Last Updated on June 19, 2019, by eNotes Editorial. Word Count: 375
Gotthold Ephraim Lessing’s work is, above all, a tale of intrigue, a conflict between various aristocratic figures over a single prize. Human life is afforded very little worth in comparison to this prize, as evidenced by the assassination of Count Appiani for the crime of frustrating the prince’s intentions. Characters such as Marinelli embody the classic archetypal schemer within the courts of European aristocracy, the cunning whispering advisor who facilitates his master’s plans with a combination of ingenuity and deception. In contrast to this, figures like Emilia’s father characterize the bluff simplicity of principle and honor, which often clashes with Marinelli and those like him.
As stated above, the male characters in this work are in conflict for a prize—namely, ownership over Emilia. During the course of the novel she passes from the ownership of her father to the Count Appiani, then to the prince, and finally back to her father. She rarely expresses her own agency. Other feminine archetypes are also evoked. Emilia’s mother Claudia demonstrates the hysteria characteristic of women, and often of mothers, portrayed in a variety of works in Lessing’s time period. Meanwhile, the Countess Orsina, in her bitterness and hatred toward the prince, calls to mind the trope of the spurned and vengeful mistress.
A third key theme of this work is honor, or more broadly, a sense of the moral high ground for which all characters strive. Even the prince, after successfully kidnapping Emilia, seeks to portray himself as righteous, both in the gallant mask he wears when conversing with her and in his insistence to her father that he intends to honor the judicial processes in that country.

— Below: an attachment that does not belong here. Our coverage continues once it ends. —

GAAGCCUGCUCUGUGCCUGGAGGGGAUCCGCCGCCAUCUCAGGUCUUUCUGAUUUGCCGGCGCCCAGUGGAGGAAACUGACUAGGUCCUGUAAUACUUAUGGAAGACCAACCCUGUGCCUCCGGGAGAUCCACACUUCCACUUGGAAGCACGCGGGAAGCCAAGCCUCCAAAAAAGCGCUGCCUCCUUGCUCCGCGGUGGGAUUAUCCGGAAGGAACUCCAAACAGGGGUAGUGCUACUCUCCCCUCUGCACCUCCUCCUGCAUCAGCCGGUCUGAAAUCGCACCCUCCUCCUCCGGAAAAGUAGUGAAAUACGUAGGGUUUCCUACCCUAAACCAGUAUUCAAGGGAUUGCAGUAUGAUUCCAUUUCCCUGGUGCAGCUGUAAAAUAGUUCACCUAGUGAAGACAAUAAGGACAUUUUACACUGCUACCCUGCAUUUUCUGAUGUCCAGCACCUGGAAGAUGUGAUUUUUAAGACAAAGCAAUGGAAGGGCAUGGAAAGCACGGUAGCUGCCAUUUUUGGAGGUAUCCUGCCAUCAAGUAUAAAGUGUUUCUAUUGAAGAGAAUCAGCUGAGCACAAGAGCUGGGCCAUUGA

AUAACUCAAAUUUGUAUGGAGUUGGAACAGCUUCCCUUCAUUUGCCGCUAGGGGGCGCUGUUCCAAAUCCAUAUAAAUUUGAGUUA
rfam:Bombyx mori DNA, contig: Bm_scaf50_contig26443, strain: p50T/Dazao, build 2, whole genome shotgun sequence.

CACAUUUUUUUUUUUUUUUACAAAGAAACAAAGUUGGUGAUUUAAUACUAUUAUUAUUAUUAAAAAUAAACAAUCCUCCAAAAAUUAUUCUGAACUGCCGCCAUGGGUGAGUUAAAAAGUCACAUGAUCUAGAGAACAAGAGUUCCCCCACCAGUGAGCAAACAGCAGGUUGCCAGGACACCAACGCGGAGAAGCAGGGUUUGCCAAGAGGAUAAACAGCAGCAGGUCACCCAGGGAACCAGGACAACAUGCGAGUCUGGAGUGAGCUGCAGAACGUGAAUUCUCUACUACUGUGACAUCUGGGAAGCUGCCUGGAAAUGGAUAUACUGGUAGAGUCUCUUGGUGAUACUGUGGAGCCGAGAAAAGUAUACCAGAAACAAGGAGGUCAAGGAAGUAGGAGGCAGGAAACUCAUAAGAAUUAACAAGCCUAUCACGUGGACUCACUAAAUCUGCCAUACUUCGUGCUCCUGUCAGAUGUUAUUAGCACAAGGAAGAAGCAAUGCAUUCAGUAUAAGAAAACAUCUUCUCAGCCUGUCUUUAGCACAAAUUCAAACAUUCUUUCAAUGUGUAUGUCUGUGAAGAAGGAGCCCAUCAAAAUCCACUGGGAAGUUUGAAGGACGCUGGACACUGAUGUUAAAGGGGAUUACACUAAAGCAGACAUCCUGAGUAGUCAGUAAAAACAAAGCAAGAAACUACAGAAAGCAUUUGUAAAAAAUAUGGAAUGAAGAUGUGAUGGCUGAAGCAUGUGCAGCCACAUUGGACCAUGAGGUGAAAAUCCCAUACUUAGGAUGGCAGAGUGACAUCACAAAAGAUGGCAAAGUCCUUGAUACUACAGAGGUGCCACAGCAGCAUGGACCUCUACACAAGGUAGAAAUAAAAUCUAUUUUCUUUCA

Ordordo also bases his actions on a firm sense of principle. He initially appeals to the prince that, as her father, he has a right to bring Emilia home with him, and his decision to stab his daughter rather than permit her and himself to suffer dishonor exemplifies how he values such principles above what are implied to be lesser concerns such as human relationships. Dishonor is portrayed as reaping its just rewards in the text, especially in the case of the prince, whose designs on Emilia are ultimately frustrated.
Cite this page as follows:
"Emilia Galotti - Themes" eNotes Publishing Ed. eNotes Editorial. eNotes.com, Inc. eNotes.com 15 Aug. 2022 <https://www.enotes.com/topics/emilia-galotti/themes#themes-themes-863084>
Note: When citing an online source, it is important to include all necessary dates. The citation above will include either 2 or 3 dates.
- If there are three dates, the first date is the date of the original publication in traditional print. The second is the date of publication online or last modification online. The last date is today's date — the date you are citing the material.
- If there are two dates, the date of publication and appearance online is the same, and will be the first date in the citation. The second date is today's date — the date you are citing the material.